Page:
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How to Be Prepared
for Hard Times

by Carol Orsborn

Q: What do I do when for some reason beyond my control the bottom falls out of the market or my product line becomes obsolete? What if disaster strikes? An earthquake? A war?

When I was very young,
I took refuge in the belief that if I was good enough, worked hard enough, prayed, meditated, and loved enough, nothing bad would ever happen to me. As I grew over the years, I found solace in knowing that while bad things could happen to me, I had sufficient inner resources to overcome anything that might come my way - all the time struggling to keep my comfort level sufficiently high so as not to have to put my faith truly to the test. As time wore on, I became increasingly desperate in my attempts to avoid facing my secret demon: my fear that when finally summoned, my selfless love and spirituality would falter.

During World War II my father faced such a test just after passing his exams to be a physician. He was thrown into battle as a doctor in the Philippines. Under extremely adverse circumstances he tended to soldiers struggling with their injuries and illnesses. He did the best he could until he himself succumbed to a tropical fever. He lay shivering on a cot in the medics tent, dehydrated and delirious.

As his fever peaked, orders arrived from headquarters that his battalion was to evacuate their position immediately. In the panic that ensued, the tent was disassembled, the troops boarded and moved out. When my fathers consciousness broke through the sweat and delirium, he found that he had accidentally been left behind - one deathly ill young man on a lonely cot in the middle of a barren field.


Perhaps it was the fever, perhaps it was something more than that, but when my father realized what had happened to him, he instinctively knew he had to make a choice. He could resist his fate, spending his final reserves of energy flailing against the unfairness of it all, or he could give himself willingly to it and live. As my father tells it, he remembers laughing a long, long time. In fact he was still laughing when his fellow medics returned to retrieve him, dodging bullets as they carried him back to the safety of their new camp.

This was not a laughter that trivialized suffering. This was the laughter of one who had willingly fed himself to his demons and emerged triumphant. His laughter chimed through the remainder of World War II and down through the years as my legacy of spirit triumphant of life emerging from the darkness, fear, and anger to proclaim again and again and yet again, “I am willing.”

Over seventy years ago, the English writer and critic Katherine Mansfield wrote in her journal, “There is no limit to human suffering. When one thinks ‘Now I have touched the bottom of the sea - now I can go no deeper,’ one goes deeper. And so it is for ever...”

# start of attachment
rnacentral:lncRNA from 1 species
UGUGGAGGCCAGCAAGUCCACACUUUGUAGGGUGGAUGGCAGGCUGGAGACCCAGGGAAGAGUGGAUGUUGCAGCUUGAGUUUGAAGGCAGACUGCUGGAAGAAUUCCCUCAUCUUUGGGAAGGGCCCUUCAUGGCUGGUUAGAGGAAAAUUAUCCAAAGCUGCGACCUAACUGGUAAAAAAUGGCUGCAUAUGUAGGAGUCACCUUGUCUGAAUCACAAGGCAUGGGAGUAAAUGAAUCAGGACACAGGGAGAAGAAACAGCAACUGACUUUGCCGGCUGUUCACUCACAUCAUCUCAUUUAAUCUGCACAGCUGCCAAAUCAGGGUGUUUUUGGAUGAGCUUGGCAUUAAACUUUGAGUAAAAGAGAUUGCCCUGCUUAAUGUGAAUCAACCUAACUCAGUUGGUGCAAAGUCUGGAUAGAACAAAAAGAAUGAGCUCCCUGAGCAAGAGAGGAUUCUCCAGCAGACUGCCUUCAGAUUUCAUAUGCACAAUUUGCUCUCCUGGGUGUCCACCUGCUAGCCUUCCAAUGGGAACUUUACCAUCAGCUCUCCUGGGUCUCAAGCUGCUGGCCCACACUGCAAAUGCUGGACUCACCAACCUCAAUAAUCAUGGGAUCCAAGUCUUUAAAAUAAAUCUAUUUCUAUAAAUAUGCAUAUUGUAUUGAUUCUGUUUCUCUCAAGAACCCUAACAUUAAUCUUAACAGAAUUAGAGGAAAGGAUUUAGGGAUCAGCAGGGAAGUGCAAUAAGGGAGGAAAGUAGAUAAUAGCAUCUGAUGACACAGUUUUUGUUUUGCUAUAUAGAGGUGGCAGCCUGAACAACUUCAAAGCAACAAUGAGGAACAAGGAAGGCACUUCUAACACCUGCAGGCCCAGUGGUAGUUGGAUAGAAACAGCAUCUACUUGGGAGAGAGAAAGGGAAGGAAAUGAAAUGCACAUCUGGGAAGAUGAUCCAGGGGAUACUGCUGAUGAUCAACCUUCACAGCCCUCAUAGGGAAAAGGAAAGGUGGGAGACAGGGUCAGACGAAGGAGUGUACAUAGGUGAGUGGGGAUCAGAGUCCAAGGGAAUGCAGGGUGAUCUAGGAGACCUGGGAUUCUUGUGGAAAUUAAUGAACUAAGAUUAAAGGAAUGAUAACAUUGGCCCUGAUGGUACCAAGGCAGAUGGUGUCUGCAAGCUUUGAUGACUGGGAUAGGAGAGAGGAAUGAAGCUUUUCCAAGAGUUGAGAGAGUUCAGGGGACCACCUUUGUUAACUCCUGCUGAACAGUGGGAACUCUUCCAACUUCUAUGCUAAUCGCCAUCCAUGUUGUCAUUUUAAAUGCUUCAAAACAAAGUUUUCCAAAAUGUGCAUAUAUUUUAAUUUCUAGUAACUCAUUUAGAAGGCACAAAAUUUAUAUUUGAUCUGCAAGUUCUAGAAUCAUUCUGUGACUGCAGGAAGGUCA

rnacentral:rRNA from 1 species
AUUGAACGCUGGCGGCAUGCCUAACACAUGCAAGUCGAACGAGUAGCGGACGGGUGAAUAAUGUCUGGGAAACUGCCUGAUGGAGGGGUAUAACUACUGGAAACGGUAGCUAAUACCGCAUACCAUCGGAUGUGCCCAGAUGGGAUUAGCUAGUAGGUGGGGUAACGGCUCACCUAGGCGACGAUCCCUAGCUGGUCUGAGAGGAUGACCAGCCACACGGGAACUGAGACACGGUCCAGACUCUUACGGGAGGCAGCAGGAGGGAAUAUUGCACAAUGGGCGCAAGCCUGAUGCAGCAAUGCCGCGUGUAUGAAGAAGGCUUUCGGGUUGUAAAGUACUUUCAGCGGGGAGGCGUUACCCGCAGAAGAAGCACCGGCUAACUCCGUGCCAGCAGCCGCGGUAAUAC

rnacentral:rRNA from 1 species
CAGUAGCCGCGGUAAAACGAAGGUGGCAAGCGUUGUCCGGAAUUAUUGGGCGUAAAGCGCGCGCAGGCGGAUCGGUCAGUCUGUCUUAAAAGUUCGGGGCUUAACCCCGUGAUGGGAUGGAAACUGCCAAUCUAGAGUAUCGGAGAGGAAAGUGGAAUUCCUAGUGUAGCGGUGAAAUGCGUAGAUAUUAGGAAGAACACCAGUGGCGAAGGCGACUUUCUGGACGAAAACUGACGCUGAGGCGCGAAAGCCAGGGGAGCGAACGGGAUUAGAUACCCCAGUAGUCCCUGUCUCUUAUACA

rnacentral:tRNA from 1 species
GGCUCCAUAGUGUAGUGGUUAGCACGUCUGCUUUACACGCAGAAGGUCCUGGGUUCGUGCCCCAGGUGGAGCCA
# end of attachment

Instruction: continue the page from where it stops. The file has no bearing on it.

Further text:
“I do not want to die without leaving a record of my belief that suffering can be overcome. For I do believe it. What must one do? There is no question of what is called ‘passing beyond it.’ This is false.

“One must submit. Do not resist. Take it. Be overwhelmed. Accept it fully. Make it part of life.”

When put to the test in my own life, there is only one question to be answered: Am I willing? Am I willing when fate has taken away my last refuge - when there is no place to hide?

I aspire to be a selfless person who has faith in life no matter what, but at moments like these, so painfully exposed, devoid of the comforting illusions of the status quo to cushion and protect me, often all I can say is that I don't really know the whole truth about me - and I fear the worst. But out of this very act of acceptance, I, too, make my choice.

“The present agony will pass - if it doesn't kill,” writes Mansfield. “If I can cease reliving all the shock and horror of it, cease going over it, I will get stronger.”

Invocation for Bad Times
When the sun arrives at its new dawn, it turns toward its setting. The moon when it is full begins to wane.

The flowering plant grows toward the sun, and from the weight of its own blossom bends to the ground and dies.

This heavenly law works itself out in the fate of man also. Knowing that he is helpless before the law of heaven, the superior man relinquishes the illusion of control, willing to surrender everything he has to the conditions of the time.

Even the cherished notion of his faith and selflessness, weighing him down like a heavy sack clutched in his grip.

He can not take another step, burdened as he is. To continue to hold it tight in a fist of fear is certain death. In such a time, he has no recourse but to tear the sack open and throw the seeds of his life to the wind
crying for mercy,
feeling the pain.

If he is blessed with willingness, he can watch many seeds blow away, rejoicing for even the one that lands at his feet in the fertile soil enriched by fallen flowers long past.

It will take root.

He may yet feel the urgency of resolution pressing hard upon him but he must not pull at the seed, forcing it to emerge from the nurturing soil before its time.

Rather, he tends the bare, dark spot of earth diligently with patience and discipline,
watering and weeding,
waiting and watching,
force of habit keeping order through the long winter.

Thus is the law of heaven that when the sun is at its zenith it rises toward a new dawn.

The moon when empty of light waxes again.

Through the dark patch of fertile soil, a seed sends up a tender, green shoot.

Can you find it in your heart to be willing to accept it all?

Carol Orsborn is the author of Inner Excellence At Work: The Path to Meaning, Spirit and Success (Amacom Books, Fall ‘99) and How Would Confucius Ask for a Raise?, from which this column is excerpted. She may be reached at 615-321-8890, e-mail [email protected] and visit her website at

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